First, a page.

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Vatican recognises French monks killed in Algeria as martyrs

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Vatican recognises French monks killed in Algeria as martyrs
An undated file photo showing French Trappist monks from the Priory of Our Lady of Atlas in Tibehirine, including those recognised by the Vatican as martyrs in view of their beatification. Photo: AFP
18:12 CET+01:00
The Vatican on Saturday declared seven French Trappist monks beheaded by Islamists in Algeria in 1996 as martyrs, paving the way for their beatification - the first step towards sainthood.

On the night of March 26-27th 1996, the monks were abducted from the Priory of Our Lady of Atlas in Tibehirine, about 80 kilometres (50 miles) south of Algiers, by members of the insurgent Armed Islamic Group of Algeria (GIA).

Their heads were discovered two months later and their death was announced by the GIA.

The monks are part of 19 clergy slain in Algeria between 1994 and 1996, including Bishop Pierre Claverie of Oran.

The Tiberihine monks -- Dom Christian de Cherge, Brother Luc (born Paul Dochier), Father Christophe (Lebreton), Brother Michel (Fleury), Father Bruno (born Christian Lemarchand), Father Celestin (Ringeard), and Brother Paul (Favre-Miville) -- were aged between 45 and 82.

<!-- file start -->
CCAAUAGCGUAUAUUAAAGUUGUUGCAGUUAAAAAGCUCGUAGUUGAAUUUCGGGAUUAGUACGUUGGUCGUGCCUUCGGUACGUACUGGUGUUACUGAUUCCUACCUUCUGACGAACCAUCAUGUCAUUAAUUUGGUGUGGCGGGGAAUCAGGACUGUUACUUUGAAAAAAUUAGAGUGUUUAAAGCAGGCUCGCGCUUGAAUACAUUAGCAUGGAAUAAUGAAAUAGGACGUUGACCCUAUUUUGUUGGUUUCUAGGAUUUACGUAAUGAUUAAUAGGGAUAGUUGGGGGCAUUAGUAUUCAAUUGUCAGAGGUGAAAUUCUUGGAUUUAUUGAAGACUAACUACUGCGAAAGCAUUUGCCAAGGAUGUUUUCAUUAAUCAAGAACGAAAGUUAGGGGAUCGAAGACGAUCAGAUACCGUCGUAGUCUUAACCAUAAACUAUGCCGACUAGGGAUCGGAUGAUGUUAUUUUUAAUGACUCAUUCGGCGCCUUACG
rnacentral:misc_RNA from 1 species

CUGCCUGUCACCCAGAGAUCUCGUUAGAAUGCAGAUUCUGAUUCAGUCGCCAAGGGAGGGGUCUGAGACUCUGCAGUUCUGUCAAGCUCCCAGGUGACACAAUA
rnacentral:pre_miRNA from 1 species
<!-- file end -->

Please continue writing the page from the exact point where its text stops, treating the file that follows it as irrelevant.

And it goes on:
The Vatican said the monks were murdered in odium fidei, or out of hatred for the faith.

The tragedy inspired a 2010 French film 'Des Hommes et des Dieux' (Of Gods and Men) starring Lambert Wilson and Michael Lonsdale. It won the Grand Prix at the Cannes film festival that year.

Beatification is reserved for three categories of people: martyrs, those who have lived a life of heroic values, and others with a clear saintly reputation.

READ ALSO: Pope to give slain French priest fast track to sainthood

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